Thursday, November 03, 2005

Amnesty Protests Against Extra-Judicial Killings In The Niger Delta


Amnesty has called on the Nigerian government to stop extra-judicial killings in the Niger Delta of Nigeria.

"We haven't seen any extra-judicial executions since...1995 but in terms of other human rights violations the problems are still there," said Ulrika Sandberg, one of the authors of the Amnesty report.

If Amnesty says it has not seen extra-judicial executions since 1995 does not mean that there were no judicial executions in Nigeria. What Amnesty should say is that Amnesty is ignorant of any extra-judicial executions. Because, extra-judicial executions of over 1,000 civilians have been reported since 1999 to date. And most of them were done with the full knowledge of the ruling authorities of the present government of Nigeria. Even cases of massacres of innocent Nigerians have been witnessed in the Niger Delta region of Nigeria. And Amnesty has done nothing more than make statements in order to justify it's existence and collect more funds to continue it's work as the toothless watchdog of human rights.

I am not interested in toothless watchdogs that cannot protect the helpless people they are meant to guard.

When Amnesty begins to sue Tyrannical corporations, governments,institutions and the draconian rulers found guilty of the violations of human rights, then I would be convinced that Amnesty is truly active and proactive not only in whistle-blowing, but in the prosecution of crimes against humanity in Nigeria and other parts of the world like in Indonesia where Islamic terrorists have been killing innocent Christians and only recently three Christian girls were beheaded by Islamic terrorists in Indonesia. And what is Amnesty doing about it?

Read the news report below.

Nigeria must end army killings in oil delta-Amnesty
03 Nov 2005 00:01:10 GMTSource: Reuters
By Estelle Shirbon

ABUJA, Nov 3 (Reuters) - Nigerian security forces protecting oil industry interests in the southern Niger Delta kill local people and raze villages with impunity, human rights group Amnesty International said in a report published on Thursday.
Amnesty accused the government of ignoring the army's abuses and failing to tackle the poverty and injustice it said were the root causes of frequent unrest in the delta.

Nigeria is the world's eighth oil exporter and the bulk of its 2.4 million barrels per day output comes from the delta.
"Despite a return to civilian government in 1999, those responsible for human rights violations under military governments have not been brought to justice," Amnesty said.
"The security forces are still allowed to kill people and raze communities with impunity," it added.

It called on the government to set up independent inquiries into abuses in the area, including a raid by security forces in February on the village of Odioma. It said at least 17 villagers were burnt or shot to death in the raid, two women were raped and 80 percent of homes were razed.

The human rights group said foreign oil companies, as partners of the Nigerian state in exploiting the delta's oil resources, bore a share of responsibility for the poor human rights situation in the region and should do more to improve it.
Most of the 20 million people in the delta, a maze of swamps and mangrove creeks, live in poverty with no basic services.

Many resent the oil industry which, as they see it, has wrecked their environment and generated enormous profits from their lands, but yielded few benefits for them.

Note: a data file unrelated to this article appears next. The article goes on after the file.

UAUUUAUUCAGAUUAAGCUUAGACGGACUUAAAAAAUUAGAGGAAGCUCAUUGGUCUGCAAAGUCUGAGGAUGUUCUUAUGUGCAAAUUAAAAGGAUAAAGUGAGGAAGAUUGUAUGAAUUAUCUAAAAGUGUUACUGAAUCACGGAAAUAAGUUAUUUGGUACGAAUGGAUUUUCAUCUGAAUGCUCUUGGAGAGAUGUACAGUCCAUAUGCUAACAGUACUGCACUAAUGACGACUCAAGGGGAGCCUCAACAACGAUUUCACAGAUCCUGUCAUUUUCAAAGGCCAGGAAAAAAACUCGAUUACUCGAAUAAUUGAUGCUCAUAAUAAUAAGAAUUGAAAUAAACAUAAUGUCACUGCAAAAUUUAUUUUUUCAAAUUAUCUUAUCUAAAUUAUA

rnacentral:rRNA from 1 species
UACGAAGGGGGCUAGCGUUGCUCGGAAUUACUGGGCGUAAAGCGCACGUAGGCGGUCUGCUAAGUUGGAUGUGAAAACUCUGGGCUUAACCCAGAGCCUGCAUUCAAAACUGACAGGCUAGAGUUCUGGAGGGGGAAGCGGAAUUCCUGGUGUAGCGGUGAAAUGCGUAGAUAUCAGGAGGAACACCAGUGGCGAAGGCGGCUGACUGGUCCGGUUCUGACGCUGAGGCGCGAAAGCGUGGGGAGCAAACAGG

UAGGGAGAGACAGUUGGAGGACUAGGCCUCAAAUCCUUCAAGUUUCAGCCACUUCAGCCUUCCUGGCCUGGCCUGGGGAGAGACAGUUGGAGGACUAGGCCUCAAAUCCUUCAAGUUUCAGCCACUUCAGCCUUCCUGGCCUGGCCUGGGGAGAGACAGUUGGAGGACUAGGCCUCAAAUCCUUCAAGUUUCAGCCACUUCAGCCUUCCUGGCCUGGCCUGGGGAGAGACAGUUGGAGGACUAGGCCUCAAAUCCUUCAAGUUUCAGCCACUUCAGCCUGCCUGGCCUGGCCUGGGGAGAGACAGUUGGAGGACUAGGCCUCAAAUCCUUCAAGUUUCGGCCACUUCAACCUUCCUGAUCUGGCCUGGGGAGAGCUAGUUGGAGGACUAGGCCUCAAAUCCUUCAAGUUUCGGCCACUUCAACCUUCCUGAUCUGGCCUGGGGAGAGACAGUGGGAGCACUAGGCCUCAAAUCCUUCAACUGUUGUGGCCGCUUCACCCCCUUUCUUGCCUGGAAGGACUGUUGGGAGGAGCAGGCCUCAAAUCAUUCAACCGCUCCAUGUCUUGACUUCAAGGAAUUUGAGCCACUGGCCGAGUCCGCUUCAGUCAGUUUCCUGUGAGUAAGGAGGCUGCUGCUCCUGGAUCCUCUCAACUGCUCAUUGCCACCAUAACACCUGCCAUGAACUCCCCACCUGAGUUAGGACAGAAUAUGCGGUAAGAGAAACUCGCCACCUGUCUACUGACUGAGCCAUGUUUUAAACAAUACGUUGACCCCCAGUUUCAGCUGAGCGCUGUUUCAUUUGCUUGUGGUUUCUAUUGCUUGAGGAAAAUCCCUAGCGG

This sense of injustice breeds frequent protests at oil facilities as well as sabotage, theft of crude, kidnappings of oil workers and conflicts between communities.

The report highlights the Odioma raid and another incident in February in which soldiers fired on protesters at an oil terminal operated by Chevron , killing one and injuring at least 30 others, according to Amnesty.

The protesters had entered the facility to show their anger at what they saw as unfulfilled promises from Chevron of jobs and development for their community.
Amnesty said these examples demonstrated that the human rights situation in the delta has not improved in the 10 years since environmental and human rights activist Ken Saro-Wiwa and eight others were hanged by the government.

The hangings in November 1995, under military dictator Sani Abacha, caused an international outcry and Nigeria became a pariah state. In 1999, a civilian government took power after 15 years of army rule and Nigeria, Africa's most populous country, has since regained respectability.

"We haven't seen any extra-judicial executions since...1995 but in terms of other human rights violations the problems are still there," said Ulrika Sandberg, one of the authors of the Amnesty report.
"We're aware of a few initiatives by the government and by companies to address the human rights situation but we've seen very few effects on the ground," she told Reuters.


Dave said...

An Australian, Van Tuong Nguyen, will be executed for drug trafficking unless more attention is drawn to his plight. I believe that together we may save the life of this man.

To this end, I have written an open letter to the President of the Republic of Singapore asking for clemency. The open letter, which includes a dozen related e-mail addresses, is online:

Letter to Singapore's President

It is my hope that the interactivity of the Web can save a young man's life. Please read the above site and if you agree that a human should not die for being caught with drugs, then I beg you to send an e-mail asking the President of Singapore for clemency on behalf of Van.

Dave Jarvis

Orikinla Osinachi. said...

I will only join, because, I am against the death penalty of drug pushers.